Not long ago I was perusing the internet looking for something to satisfy my insatiable appetite for good reading material. During this search I happened across a book on the infamous Newhall Incident that was published in 2013 and I was surprised that I hadn't seen it before.
The book is "The Newhall Shooting—A Tactical Analysis" by Mike Wood. Even though I was a sophomore in high school when that deadly shootout between two heavily armed criminals and four California Highway Patrol officers took place in the Los Angeles suburb of Newhall on April 5, 1970, I knew about it. Even at that young age, I was already personally committed to a career in law enforcement. So when news reports told the story of how four troopers were killed that night, I was shocked and angry.
Looking back on the incident, Wood's book takes the reader through the shootout, which occurred in four-and-a-half minutes in real time. And through thorough and extensive research, Wood breaks down what happened moment by moment so that it can be understood as to what transpired in each dimension of the incident. Wood explains how things happened and more importantly why things happened as they did.
The book closes with a discussion of how the law enforcement profession reacted and adapted to the Newhall Incident. Over a period of time since 1970, many innovations in equipment and tactics have been developed to enhance officer safety and survival in gunfights and other assaults. This book is an excellent read for officers at any stage of their career, for the rookie to learn by and the veteran as a refresher.
Precision, Power, Speed
I've discussed the Newhall Incident and Wood's book for one reason. I believe it's critically important that as officers we be aware of the past of our profession and how it affects the present and even the future. So let's continue looking at the history of the concept called "officer survival."
Newhall wasn't where the officer survival movement began; it probably was conceived about seven years earlier when a Det. Pierce R. Brooks of the Los Angeles Police Department was investigating the murder of LAPD Officer Ian Campbell during the spring of 1963. Campbell and partner Karl Hettinger were abducted after being disarmed by two criminals. They were driven out of the city by the two men to an onion field near Bakersfield. There, Campbell was shot and killed but Hettinger managed to escape and ran four miles to get help. That incident shook up a lot of law enforcement agencies and led to new policies on what to do in similar situations.
Because law enforcement has traditionally been reactive as opposed to proactive, the change after the onion field incident was slow, but constant. There was some resistance to change, as there always is. But innovations in equipment and tactics were to come.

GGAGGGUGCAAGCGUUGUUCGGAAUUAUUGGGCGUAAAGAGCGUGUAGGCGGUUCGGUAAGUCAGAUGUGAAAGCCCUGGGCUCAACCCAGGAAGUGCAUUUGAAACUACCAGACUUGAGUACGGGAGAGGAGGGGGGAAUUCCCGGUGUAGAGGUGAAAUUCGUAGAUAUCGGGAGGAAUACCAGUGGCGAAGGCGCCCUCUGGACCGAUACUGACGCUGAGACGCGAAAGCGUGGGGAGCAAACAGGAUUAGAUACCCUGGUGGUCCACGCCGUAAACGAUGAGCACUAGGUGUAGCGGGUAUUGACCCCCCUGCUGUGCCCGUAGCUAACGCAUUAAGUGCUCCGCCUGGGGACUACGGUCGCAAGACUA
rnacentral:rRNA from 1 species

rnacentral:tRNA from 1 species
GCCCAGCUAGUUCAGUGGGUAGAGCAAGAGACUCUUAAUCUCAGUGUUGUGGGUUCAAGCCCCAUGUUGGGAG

In terms of police weapons and firearms, here's what I saw during my career, which began in the 1970s:
➔ We went from dump pouches to belt loops, to speed strips, to speed loaders
➔ We went from lead round-nose ammunition to jacketed hollow-point
➔ We went from revolvers to semi-automatic pistols
Holsters also were the subject of major improvements. We went from the Jordan holster to thumb-break holsters. There was even an attempt to make a security holster that put the gun into action fast. It was called the "clamshell holster," and it presented us with a lot of problems. Holster security became a bigger issue, and then the debate raged about the tradeoffs of weapon security vs. speed of draw.
Firearms training also evolved. At first training was minimal, then along came the concept of Police Pistol Combat (PPC) training, which, if nothing else, gave the officer some opportunity to draw and fire his or her weapon at different distances. PPC ushered in change at a rapid pace. We went from the one-hand shooting technique to the crouch position, to the Isosceles stance, to the Weaver stance. And now today's officers are being instructed in what's often called the "fighting stance" and taught to shoot from "unconventional shooting positions."
All of these changes came about because we were learning new lessons from actual police operations and evolving our training to save officers' lives.
Here, in my opinion, are the top six pivotal incidents and the lessons learned that changed officer training and spurred innovations in how officers are equipped for duty.
➔ The Onion Field: This March 9, 1963, incident involved the kidnapping of two LAPD officers and the murder of one. From it law enforcement developed better traffic stop techniques and counter-ambush tactics.
➔ The Newhall Incident: The April 6, 1970, Newhall Incident led to the murders of four California Highway Patrol troopers. The shootout began when two troopers stopped two career criminals after one of the men brandished a handgun during an argument with another motorist. This terrible incident led to the development of felony stop tactics, better firearms training for officers, and improved equipment.
➔ The Howard Johnson Sniper: On January 7, 1973, in New Orleans, a man who had previously murdered an officer and a police cadet went on a killing spree in and around a downtown Howard Johnson Hotel. From the top floors and roof of the hotel, he opened fire on responding officers with a carbine. A raging battle ensued in which several officers and the man were killed. The lessons learned from this incident were many, but I believe the most important are scene control and tactical approach.